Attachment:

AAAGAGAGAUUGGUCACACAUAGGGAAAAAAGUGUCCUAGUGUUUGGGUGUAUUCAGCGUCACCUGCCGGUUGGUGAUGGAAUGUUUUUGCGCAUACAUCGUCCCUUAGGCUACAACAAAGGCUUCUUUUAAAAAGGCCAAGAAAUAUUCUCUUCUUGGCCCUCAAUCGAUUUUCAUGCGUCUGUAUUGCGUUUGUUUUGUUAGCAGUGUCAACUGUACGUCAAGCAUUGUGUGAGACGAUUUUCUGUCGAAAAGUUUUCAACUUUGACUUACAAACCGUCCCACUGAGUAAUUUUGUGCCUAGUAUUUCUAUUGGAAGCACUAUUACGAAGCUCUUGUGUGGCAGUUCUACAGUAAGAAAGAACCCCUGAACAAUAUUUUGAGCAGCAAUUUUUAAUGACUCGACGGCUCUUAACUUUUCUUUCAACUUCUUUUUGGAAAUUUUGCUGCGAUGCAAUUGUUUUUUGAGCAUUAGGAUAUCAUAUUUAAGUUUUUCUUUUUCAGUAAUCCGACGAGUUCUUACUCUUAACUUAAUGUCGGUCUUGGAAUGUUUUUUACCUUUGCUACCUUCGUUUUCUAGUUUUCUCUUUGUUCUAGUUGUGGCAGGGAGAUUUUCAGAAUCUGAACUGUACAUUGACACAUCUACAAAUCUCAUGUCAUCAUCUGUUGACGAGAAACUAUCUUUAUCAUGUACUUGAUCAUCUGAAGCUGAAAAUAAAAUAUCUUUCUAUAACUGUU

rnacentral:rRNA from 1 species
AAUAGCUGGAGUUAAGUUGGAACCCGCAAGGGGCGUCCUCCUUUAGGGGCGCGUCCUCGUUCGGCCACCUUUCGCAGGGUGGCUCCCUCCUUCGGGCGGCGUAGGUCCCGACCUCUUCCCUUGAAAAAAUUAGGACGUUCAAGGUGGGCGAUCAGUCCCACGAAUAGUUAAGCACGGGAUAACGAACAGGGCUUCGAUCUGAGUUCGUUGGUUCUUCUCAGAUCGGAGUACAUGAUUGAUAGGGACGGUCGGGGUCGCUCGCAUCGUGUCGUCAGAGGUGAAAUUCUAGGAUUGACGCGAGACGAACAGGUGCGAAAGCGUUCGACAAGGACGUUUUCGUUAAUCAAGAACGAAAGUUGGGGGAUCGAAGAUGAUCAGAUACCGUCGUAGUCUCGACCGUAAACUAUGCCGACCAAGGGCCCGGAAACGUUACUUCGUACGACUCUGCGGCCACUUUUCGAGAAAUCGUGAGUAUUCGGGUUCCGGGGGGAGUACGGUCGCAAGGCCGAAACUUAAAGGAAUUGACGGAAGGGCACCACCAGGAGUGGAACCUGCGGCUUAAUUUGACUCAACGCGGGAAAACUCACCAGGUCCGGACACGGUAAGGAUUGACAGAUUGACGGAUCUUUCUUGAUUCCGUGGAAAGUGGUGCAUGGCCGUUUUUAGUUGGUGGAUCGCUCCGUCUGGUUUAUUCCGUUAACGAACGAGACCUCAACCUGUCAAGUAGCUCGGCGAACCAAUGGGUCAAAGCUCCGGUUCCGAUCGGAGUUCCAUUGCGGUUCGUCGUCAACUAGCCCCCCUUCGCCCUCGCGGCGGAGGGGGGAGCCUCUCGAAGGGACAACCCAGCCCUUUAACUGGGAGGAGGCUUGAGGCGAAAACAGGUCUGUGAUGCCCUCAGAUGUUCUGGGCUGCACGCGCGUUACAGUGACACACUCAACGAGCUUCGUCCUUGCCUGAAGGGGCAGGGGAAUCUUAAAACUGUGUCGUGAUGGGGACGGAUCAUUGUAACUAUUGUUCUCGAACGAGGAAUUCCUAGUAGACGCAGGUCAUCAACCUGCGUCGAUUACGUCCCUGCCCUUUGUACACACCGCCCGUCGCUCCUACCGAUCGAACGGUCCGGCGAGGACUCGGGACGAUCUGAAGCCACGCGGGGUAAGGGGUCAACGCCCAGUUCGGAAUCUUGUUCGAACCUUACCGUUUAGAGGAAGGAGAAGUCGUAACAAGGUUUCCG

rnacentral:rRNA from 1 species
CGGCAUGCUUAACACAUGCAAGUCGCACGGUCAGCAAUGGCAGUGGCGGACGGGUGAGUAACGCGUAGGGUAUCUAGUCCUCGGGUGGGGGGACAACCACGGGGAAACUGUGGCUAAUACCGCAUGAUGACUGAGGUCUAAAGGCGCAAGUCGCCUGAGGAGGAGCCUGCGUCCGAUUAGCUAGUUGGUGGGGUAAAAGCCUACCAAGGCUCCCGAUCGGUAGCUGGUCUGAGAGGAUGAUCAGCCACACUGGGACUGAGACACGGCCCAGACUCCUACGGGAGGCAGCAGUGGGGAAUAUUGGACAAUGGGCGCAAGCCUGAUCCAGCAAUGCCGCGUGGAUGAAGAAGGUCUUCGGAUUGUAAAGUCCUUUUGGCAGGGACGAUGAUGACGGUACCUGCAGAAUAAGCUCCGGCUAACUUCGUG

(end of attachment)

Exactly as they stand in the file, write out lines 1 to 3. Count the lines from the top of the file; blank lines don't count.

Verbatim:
AAAGAGAGAUUGGUCACACAUAGGGAAAAAAGUGUCCUAGUGUUUGGGUGUAUUCAGCGUCACCUGCCGGUUGGUGAUGGAAUGUUUUUGCGCAUACAUCGUCCCUUAGGCUACAACAAAGGCUUCUUUUAAAAAGGCCAAGAAAUAUUCUCUUCUUGGCCCUCAAUCGAUUUUCAUGCGUCUGUAUUGCGUUUGUUUUGUUAGCAGUGUCAACUGUACGUCAAGCAUUGUGUGAGACGAUUUUCUGUCGAAAAGUUUUCAACUUUGACUUACAAACCGUCCCACUGAGUAAUUUUGUGCCUAGUAUUUCUAUUGGAAGCACUAUUACGAAGCUCUUGUGUGGCAGUUCUACAGUAAGAAAGAACCCCUGAACAAUAUUUUGAGCAGCAAUUUUUAAUGACUCGACGGCUCUUAACUUUUCUUUCAACUUCUUUUUGGAAAUUUUGCUGCGAUGCAAUUGUUUUUUGAGCAUUAGGAUAUCAUAUUUAAGUUUUUCUUUUUCAGUAAUCCGACGAGUUCUUACUCUUAACUUAAUGUCGGUCUUGGAAUGUUUUUUACCUUUGCUACCUUCGUUUUCUAGUUUUCUCUUUGUUCUAGUUGUGGCAGGGAGAUUUUCAGAAUCUGAACUGUACAUUGACACAUCUACAAAUCUCAUGUCAUCAUCUGUUGACGAGAAACUAUCUUUAUCAUGUACUUGAUCAUCUGAAGCUGAAAAUAAAAUAUCUUUCUAUAACUGUU

rnacentral:rRNA from 1 species
AAUAGCUGGAGUUAAGUUGGAACCCGCAAGGGGCGUCCUCCUUUAGGGGCGCGUCCUCGUUCGGCCACCUUUCGCAGGGUGGCUCCCUCCUUCGGGCGGCGUAGGUCCCGACCUCUUCCCUUGAAAAAAUUAGGACGUUCAAGGUGGGCGAUCAGUCCCACGAAUAGUUAAGCACGGGAUAACGAACAGGGCUUCGAUCUGAGUUCGUUGGUUCUUCUCAGAUCGGAGUACAUGAUUGAUAGGGACGGUCGGGGUCGCUCGCAUCGUGUCGUCAGAGGUGAAAUUCUAGGAUUGACGCGAGACGAACAGGUGCGAAAGCGUUCGACAAGGACGUUUUCGUUAAUCAAGAACGAAAGUUGGGGGAUCGAAGAUGAUCAGAUACCGUCGUAGUCUCGACCGUAAACUAUGCCGACCAAGGGCCCGGAAACGUUACUUCGUACGACUCUGCGGCCACUUUUCGAGAAAUCGUGAGUAUUCGGGUUCCGGGGGGAGUACGGUCGCAAGGCCGAAACUUAAAGGAAUUGACGGAAGGGCACCACCAGGAGUGGAACCUGCGGCUUAAUUUGACUCAACGCGGGAAAACUCACCAGGUCCGGACACGGUAAGGAUUGACAGAUUGACGGAUCUUUCUUGAUUCCGUGGAAAGUGGUGCAUGGCCGUUUUUAGUUGGUGGAUCGCUCCGUCUGGUUUAUUCCGUUAACGAACGAGACCUCAACCUGUCAAGUAGCUCGGCGAACCAAUGGGUCAAAGCUCCGGUUCCGAUCGGAGUUCCAUUGCGGUUCGUCGUCAACUAGCCCCCCUUCGCCCUCGCGGCGGAGGGGGGAGCCUCUCGAAGGGACAACCCAGCCCUUUAACUGGGAGGAGGCUUGAGGCGAAAACAGGUCUGUGAUGCCCUCAGAUGUUCUGGGCUGCACGCGCGUUACAGUGACACACUCAACGAGCUUCGUCCUUGCCUGAAGGGGCAGGGGAAUCUUAAAACUGUGUCGUGAUGGGGACGGAUCAUUGUAACUAUUGUUCUCGAACGAGGAAUUCCUAGUAGACGCAGGUCAUCAACCUGCGUCGAUUACGUCCCUGCCCUUUGUACACACCGCCCGUCGCUCCUACCGAUCGAACGGUCCGGCGAGGACUCGGGACGAUCUGAAGCCACGCGGGGUAAGGGGUCAACGCCCAGUUCGGAAUCUUGUUCGAACCUUACCGUUUAGAGGAAGGAGAAGUCGUAACAAGGUUUCCG